Although timeless, denim jeans marked a drastic change in everyday fashion this year. Jeans are our flag of freedom. We have seen it throughout 2021 and these autumn/winter trends are not an exception.
The humble workers' denim passed through centuries and generations and, as such, it is a trustful mirror of our times. Maybe it is the new post-pandemic lifestyle or today's feminist stream but 2021 waved 'goodbye' to super skinny jeans to welcome (back) baggy forms to put everyone at ease. Here we go, exploring the 5 top denim trends for this autumn/winter season.
1 Mom's Jeans
Missguided - Riot Highwaisted Clean Mom Jeans
Ten years ago, moms had a certain 'uncool' factor. Could you believe mom's jeans were going to conquer a big slice in stores' displays and people's shopping charts? High-waisted and relaxed, mom jeans are not anymore for leisure time and gardening but a comfortable ally now that home is our office.
2 Upcycled Jeans
V by Very - Sustainable Slim Cut Jeans
The call to make something for the planet translates into sustainable jeans. Whether they are made from vintage stocks, eco-consciously produced, recycled or thrifted by you; green jeans have a richer story and feel lighter on the environment.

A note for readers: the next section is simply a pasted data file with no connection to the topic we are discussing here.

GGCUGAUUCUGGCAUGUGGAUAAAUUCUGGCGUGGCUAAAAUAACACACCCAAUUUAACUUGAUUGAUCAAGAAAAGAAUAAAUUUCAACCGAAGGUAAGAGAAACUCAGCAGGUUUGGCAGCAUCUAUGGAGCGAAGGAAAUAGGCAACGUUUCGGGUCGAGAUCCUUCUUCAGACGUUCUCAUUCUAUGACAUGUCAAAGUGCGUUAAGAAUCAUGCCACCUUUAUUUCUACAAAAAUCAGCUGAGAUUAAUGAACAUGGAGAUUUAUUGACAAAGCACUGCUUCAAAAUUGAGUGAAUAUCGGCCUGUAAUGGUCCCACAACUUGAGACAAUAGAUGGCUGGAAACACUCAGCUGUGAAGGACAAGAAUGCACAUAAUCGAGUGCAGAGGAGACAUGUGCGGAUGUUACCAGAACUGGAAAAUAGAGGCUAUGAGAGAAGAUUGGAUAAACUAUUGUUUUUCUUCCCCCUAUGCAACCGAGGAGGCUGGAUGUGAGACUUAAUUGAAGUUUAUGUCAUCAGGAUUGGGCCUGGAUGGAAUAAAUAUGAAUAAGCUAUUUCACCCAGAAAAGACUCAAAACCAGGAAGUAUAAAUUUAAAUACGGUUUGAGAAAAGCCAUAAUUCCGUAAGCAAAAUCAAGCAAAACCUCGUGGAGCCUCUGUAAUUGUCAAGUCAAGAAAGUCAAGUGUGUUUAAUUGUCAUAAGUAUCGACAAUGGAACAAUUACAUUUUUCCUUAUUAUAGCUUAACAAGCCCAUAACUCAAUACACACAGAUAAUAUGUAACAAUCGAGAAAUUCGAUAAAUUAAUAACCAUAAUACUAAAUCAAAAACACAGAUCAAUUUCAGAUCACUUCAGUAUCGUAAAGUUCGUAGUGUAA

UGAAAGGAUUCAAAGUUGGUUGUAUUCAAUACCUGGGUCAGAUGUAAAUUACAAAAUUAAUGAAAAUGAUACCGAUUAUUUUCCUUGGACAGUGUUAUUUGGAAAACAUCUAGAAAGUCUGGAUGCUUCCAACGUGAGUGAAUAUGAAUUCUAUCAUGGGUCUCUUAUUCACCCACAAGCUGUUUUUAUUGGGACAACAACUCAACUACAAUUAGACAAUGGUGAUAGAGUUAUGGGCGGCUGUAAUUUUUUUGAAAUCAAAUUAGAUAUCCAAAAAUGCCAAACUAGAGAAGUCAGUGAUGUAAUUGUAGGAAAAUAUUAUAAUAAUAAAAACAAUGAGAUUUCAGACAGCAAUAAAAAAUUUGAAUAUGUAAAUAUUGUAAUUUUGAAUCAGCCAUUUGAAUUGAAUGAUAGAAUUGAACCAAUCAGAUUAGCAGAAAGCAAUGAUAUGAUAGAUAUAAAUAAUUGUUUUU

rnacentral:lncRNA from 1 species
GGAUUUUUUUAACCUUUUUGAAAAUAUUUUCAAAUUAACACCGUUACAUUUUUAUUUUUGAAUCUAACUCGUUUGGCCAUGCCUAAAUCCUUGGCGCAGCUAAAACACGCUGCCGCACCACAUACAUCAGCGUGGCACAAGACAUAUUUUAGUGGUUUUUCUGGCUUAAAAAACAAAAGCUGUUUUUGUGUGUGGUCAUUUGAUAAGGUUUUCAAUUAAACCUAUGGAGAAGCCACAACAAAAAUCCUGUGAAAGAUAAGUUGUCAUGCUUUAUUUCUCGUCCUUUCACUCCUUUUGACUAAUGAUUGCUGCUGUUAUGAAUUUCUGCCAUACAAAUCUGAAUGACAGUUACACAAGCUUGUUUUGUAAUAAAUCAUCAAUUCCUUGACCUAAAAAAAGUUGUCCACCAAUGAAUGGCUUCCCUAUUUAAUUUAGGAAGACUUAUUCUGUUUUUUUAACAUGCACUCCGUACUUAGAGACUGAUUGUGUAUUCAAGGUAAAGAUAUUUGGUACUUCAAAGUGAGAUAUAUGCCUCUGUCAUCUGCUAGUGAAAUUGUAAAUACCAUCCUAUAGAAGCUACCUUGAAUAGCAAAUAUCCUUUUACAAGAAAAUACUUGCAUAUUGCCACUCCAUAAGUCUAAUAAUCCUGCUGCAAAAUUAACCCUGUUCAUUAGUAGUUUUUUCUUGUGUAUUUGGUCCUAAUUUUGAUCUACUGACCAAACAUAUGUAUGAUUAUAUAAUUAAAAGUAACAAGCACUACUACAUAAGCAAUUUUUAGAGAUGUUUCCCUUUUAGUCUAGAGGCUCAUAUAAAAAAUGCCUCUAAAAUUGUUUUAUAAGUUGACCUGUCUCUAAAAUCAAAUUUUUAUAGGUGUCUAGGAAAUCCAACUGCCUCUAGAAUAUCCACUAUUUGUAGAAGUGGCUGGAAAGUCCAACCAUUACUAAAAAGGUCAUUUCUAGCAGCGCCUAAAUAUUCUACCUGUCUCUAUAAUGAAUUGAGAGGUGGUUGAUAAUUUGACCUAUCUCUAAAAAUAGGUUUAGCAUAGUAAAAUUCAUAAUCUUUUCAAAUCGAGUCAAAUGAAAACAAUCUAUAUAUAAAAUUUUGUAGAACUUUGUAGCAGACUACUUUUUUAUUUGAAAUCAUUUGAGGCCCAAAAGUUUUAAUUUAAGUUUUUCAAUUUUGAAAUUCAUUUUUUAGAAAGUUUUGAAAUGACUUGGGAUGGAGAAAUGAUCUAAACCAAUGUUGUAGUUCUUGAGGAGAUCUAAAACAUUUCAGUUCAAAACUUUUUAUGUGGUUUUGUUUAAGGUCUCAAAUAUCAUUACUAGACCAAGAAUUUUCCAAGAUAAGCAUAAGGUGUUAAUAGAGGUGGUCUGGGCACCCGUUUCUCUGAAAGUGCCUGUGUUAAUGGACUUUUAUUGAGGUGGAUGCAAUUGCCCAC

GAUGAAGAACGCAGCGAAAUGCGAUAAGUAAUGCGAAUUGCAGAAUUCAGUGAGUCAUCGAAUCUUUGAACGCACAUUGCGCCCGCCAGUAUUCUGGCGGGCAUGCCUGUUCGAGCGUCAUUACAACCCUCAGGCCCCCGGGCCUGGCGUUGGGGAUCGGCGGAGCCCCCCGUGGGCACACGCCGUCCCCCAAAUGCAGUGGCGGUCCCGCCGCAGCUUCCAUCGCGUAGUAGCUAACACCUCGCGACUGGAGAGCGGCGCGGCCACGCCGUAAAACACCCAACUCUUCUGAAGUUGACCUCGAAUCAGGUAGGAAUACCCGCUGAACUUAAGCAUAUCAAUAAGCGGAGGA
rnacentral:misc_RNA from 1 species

3 '70s: Flared Legs And Flavours
RI Petite - Amelie Flare Dane Jean
Jeans as a flag of freedom could not but take big inspiration from the '70s. The 'peace & love' decade revival is in flared silhouettes, patterns and patchwork. Added to the upcycling trends, looking for a true vintage makes a trip to second-hand stores definitely more adventurous and rewarding.
4 Baggy Jeans
New Look - Noosa Baggy Jean
'The wider, the better', this is the motto of the year. Mom jeans already offer some room for our real shapes, but this season we can exceed as we look back at the '90s. Think about rappers and skaters' styles when looking for our next pair of denim. The must-have jeans for the last bits of this 2021 are super baggy and slouchy. Young and unapologetic with added distress for an extra touch of street style.
5 Light Jeans
Levi's - 501® Crop
Nothing says 'denim' more than an original Levi's 501. The American brand invented the real jeans at the end of the 19th century but it proves to be always fashion-forward. Here is how Levi's reinvented its 501 this year.